- Google Keep for Taking Notes
Encourage and develop students creative thinking skills by suggesting that students keep track of their ideas. Google Keep is a great tool to help develop that habit.
- Organize a brainstorming session in the classroom and tell students to keep their ideas in Google Keep.
- Explain how students can use this app at any time to jot down any idea that comes to mind.
- Teach your students to organize their ideas. Note-taking doesn’t have to be messy.
- Google Classroom for Full Control of the Class
Google Classroom saves teachers a lot of time. Instructors can assign and collect projects and assignments through the tool, saving valuable class time and keeping all course-related information in one place. Google Classroom could also be used to provide feedback to students and to facilitate online discussions.
- YouTube for Educational Videos
Every now and then, instructors can spare students from long lectures and instead teach using educational videos. YouTube is full of classroom-appropriate content, so explore it and surprise students with a video that will promote interest and engagement in the classroom.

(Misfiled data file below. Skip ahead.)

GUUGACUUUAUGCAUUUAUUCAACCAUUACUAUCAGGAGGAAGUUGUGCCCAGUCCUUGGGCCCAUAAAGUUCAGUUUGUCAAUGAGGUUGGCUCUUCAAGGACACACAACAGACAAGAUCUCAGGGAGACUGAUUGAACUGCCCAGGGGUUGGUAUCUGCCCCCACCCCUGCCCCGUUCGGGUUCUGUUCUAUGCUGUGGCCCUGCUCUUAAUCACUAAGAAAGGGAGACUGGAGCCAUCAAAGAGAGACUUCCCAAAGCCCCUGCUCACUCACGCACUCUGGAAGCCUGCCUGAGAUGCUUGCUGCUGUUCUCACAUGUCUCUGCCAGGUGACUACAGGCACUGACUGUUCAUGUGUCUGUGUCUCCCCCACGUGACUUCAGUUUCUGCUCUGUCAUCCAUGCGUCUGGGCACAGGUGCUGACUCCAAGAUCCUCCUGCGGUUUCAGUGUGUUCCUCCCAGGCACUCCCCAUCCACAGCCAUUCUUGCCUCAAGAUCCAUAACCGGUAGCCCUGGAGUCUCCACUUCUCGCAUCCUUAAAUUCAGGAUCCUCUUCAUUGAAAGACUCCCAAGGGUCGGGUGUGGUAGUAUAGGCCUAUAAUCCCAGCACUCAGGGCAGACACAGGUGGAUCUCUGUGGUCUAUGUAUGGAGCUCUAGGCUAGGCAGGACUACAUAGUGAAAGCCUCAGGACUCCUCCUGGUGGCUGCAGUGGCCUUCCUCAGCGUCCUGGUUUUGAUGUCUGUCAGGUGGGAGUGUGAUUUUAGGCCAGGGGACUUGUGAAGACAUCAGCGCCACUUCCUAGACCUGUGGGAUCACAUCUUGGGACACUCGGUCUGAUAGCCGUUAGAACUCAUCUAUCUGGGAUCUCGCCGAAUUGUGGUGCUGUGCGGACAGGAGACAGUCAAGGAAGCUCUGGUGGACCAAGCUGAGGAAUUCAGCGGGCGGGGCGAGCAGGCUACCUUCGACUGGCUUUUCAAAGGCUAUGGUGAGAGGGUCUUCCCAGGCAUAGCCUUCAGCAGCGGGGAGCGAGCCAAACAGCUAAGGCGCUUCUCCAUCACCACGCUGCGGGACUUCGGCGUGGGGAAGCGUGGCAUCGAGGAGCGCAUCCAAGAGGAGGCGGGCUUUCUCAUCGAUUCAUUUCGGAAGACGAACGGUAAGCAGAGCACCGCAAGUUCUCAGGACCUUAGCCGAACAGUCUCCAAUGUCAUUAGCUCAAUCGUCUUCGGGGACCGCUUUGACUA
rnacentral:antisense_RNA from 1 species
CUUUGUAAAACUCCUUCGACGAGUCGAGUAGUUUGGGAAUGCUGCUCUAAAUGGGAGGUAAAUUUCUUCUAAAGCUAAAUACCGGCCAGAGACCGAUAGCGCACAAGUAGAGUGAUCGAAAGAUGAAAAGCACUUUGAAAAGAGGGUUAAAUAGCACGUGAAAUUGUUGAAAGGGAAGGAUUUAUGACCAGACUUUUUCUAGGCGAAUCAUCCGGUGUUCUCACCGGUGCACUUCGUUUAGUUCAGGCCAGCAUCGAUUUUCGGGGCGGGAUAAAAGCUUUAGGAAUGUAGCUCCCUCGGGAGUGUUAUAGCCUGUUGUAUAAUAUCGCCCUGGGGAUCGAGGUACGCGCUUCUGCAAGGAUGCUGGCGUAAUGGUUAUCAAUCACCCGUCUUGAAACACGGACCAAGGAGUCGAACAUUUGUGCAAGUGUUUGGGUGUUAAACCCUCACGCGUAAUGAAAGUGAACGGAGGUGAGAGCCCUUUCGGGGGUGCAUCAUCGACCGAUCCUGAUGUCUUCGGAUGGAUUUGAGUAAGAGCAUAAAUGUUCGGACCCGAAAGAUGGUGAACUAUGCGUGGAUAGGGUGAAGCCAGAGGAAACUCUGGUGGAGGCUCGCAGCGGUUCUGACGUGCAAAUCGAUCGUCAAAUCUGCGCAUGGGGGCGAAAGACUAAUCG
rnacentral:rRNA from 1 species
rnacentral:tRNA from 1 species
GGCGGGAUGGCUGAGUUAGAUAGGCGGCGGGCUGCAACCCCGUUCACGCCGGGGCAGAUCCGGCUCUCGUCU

Google can offer so much more for classroom involvement than quick and easy searches. Using its various features, Google can make classroom management much more effective. Experiment with the suggestions above and see how Google’s many tools can work for you!
Author’s Bio: Stephani Norman is a contributing blogger and professional writer with 4 years of experience. She enjoys writing articles about educational, blogging, and writing issues, and also enjoys penning film and literature reviews. In her free time, she loves focusing on self-development, travelling, and reading thought-provoking books. For more information, check out Stephanie on Facebook and Google+.
Reference herein to any specific commercial products, process, or service by trade name, trademark, manufacturer, or otherwise, does not constitute or imply an endorsement, recommendation, or favoring by Touro College.